Monday, February 22, 2010

urban chickens are excellent composters

Putting it bluntly: urban gardeners are silly for not also having urban chickens.

It turns out nitrogen-rich chicken poop isn't the only way that urban chickens rock the compost pile.

According to an (otherwise mediocre) article in the Columbia Missorian:
A study found that a hen can consume about 7 pounds of food scraps a month, or about 84 pounds a year.

"If a city had 2,000 households with three hens or more each, that translates to 252 tons of biomass that's diverted from landfills," [Andy "the Chicken Whisperer"] Schneider said. "They are really good compost-ers."
I'm surprised more cities and towns aren't taking this into consideration when debating whether to legalize urban chickens.

Think of the cost-savings in reduced traffic to and from (and within) the local landfill if more folks had their own backyard egg-producing, insect-eating, weed-eating scrap composters!

I know our girls loved grapes and blueberries and lightly wilted greens as treats. What have you been surprised to find your urban chickens will eat?

Photo credit: Watt Dabney on Flickr


Amy said...

Our girls are nuts over tomatoes. They go crazy over them!

Pat Foreman said...

“The Have-More” Plan: A Little Land – A Lot of Living

Their book inspired millions of people recovering from World War II, to be more self-sufficient.

The new book: City Chicks: Keeping Micro-flocks of Chickens as Garden Helpers, Compost Makers, Bio-recyclers and Local Food Supplies was written in the same spirt as Robinson’s “The Have-More” Plan from over a half-century ago. The City Chicks book has the ambitious intent of exploring three subjects.

1. Enhancing Backyard Agriculture. Urban gardening and farm-yards are on the verge of a giant leap forward, ushering in a new — and necessary — era of local and home food production. People have a right to grow their own food and chickens have valuable skill-sets that can be employed in food production systems. Some of these “skill-sets” include producers of manure for fertilizer and compost, along with being mobile herbiciders and pesticiderers. And of course, they also provide eggs and meat. City Chicks shows how you can have a good meal of eggs and garden goods that only travel the short distance from your backyard.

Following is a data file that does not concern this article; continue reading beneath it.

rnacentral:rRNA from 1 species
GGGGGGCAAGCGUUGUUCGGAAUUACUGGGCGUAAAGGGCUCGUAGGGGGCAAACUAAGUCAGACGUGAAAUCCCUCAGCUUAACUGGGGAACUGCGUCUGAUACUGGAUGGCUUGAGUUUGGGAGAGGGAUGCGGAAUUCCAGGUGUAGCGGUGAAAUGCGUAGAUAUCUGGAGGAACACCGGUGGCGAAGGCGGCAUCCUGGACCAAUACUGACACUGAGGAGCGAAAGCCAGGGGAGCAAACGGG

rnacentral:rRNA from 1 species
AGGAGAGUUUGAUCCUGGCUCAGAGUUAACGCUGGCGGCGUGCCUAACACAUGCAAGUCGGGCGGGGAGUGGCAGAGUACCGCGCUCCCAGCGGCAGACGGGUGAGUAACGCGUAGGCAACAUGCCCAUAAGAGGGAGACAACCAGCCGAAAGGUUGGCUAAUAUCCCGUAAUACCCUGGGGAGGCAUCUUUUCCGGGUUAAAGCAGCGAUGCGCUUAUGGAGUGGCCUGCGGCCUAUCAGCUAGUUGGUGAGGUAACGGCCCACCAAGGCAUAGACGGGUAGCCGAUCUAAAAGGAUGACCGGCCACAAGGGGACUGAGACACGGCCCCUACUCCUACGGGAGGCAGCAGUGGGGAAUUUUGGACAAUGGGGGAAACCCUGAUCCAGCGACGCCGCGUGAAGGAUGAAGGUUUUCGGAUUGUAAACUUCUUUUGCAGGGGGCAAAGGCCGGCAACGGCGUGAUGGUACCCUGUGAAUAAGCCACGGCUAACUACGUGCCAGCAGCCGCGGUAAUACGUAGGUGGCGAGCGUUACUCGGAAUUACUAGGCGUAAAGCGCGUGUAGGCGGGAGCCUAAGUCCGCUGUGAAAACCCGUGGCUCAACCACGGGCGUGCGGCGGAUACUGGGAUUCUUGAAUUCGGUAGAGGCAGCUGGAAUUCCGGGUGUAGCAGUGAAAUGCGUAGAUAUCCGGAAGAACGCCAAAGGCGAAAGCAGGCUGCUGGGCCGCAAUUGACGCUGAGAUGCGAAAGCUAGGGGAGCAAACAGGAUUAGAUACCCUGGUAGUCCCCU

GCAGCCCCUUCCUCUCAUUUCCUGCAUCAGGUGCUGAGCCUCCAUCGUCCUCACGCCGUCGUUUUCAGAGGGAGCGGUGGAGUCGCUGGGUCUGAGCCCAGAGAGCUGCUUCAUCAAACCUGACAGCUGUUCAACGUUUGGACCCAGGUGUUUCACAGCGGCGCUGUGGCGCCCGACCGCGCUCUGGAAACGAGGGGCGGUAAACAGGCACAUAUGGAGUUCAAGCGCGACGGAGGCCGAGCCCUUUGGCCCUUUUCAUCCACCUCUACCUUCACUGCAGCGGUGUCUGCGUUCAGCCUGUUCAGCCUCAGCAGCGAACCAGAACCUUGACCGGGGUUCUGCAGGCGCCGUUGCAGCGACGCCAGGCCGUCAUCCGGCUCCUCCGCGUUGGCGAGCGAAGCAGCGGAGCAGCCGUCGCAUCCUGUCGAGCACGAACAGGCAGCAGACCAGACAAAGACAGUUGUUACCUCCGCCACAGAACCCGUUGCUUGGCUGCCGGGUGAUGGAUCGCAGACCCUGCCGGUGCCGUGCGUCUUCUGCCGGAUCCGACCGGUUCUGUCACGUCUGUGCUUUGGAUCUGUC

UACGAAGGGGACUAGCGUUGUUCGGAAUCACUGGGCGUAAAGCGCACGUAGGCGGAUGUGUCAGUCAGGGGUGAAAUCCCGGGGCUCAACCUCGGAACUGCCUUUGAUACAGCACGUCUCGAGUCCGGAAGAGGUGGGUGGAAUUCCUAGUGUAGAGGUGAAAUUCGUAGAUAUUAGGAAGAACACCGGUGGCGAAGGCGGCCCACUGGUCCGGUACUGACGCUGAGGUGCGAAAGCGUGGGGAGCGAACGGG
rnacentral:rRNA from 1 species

2. Diverting Food and Yard “Waste” Out of Landfills. Chickens can help convert biomass “wastes” into organic assets such as fertilizer, compost, garden soil and eggs. This can save BIG TIME tax payer dollars from being spent solid waste management streams.

3. Decrease Oil Consumption and Lower Carbon Footprints. Commercial food systems cannot work without oil. Over 17% of America’s oil is used in agricultural production and, about 25% of this oil is used for fertilizer. The total energy input of food production, processing, packaging, transporting and storing is greater than the calories consumed. It is estimated that every person in this country requires about one gallon of oil per day just to bring food to the table. How sustainable is that? Chickens can help America kick the oil habit by decreasing the amount of oil products used in feeding ourselves ... and, at the same time, keep landfills from filling up with methane-producing organic matter.

City Chicks ushers in a new paradigm of how to use chickens in a variety of roles that help decrease carbon footprints, save tax payer dollars and support local food supply production. And all this is done in a way that is biologically sustainable, economically equitable, and serves us, our communities, our Earth and the future generations of all beings.

How do you become a Chicken Have-More Club member? You already are! Anyone who is participating in the local foods movements, who believes they have a right to produce their own food, and/or who is interested in conservation ways to help restore and preserve our environment is automatically a club member.

May the flock be with YOU!
Pat Foreman

Thomas Kriese said...

Pat, that's an excellent comment! Could you please send me an email so I can connect with you? I can be reached at blog [at] urbanchickens [dot] net


fromchapelhilltochickenville said...

This is one of the reasons we love our chickens. Mine go nuts when they get left over rice! You should see them chase each other over a grain.


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